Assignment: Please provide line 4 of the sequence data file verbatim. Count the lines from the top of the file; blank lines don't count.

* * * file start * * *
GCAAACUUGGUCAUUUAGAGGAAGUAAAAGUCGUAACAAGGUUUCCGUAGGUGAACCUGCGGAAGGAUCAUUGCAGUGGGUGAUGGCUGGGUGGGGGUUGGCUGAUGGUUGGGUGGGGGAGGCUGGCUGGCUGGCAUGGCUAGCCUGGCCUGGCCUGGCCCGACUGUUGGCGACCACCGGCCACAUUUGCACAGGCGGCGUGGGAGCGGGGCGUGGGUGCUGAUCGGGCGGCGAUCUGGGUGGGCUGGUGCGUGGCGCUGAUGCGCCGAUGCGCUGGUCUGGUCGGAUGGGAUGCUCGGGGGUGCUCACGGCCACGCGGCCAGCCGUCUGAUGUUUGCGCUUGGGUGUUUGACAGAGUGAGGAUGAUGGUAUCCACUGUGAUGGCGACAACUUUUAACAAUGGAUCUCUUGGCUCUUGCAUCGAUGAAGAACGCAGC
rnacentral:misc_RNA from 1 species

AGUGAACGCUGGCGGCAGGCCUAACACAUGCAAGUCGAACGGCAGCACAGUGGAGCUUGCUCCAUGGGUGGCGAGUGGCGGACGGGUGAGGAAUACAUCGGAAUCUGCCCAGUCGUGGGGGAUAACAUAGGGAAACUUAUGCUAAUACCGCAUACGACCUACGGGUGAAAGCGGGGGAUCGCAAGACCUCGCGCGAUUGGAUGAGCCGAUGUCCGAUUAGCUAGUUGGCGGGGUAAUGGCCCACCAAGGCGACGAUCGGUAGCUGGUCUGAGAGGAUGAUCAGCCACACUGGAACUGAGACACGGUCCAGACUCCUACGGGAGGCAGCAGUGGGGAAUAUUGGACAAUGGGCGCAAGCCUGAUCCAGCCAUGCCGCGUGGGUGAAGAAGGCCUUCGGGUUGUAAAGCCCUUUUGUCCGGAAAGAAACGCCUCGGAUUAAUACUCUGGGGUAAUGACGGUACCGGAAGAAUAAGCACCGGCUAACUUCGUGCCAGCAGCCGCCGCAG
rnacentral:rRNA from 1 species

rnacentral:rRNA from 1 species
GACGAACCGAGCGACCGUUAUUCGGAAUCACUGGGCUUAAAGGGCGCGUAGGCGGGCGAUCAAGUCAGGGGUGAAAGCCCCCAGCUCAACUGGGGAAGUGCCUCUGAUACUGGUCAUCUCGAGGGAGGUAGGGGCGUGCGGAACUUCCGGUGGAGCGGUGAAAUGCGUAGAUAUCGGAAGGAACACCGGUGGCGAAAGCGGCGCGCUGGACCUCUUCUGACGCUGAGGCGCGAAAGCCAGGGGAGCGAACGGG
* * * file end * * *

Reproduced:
rnacentral:rRNA from 1 species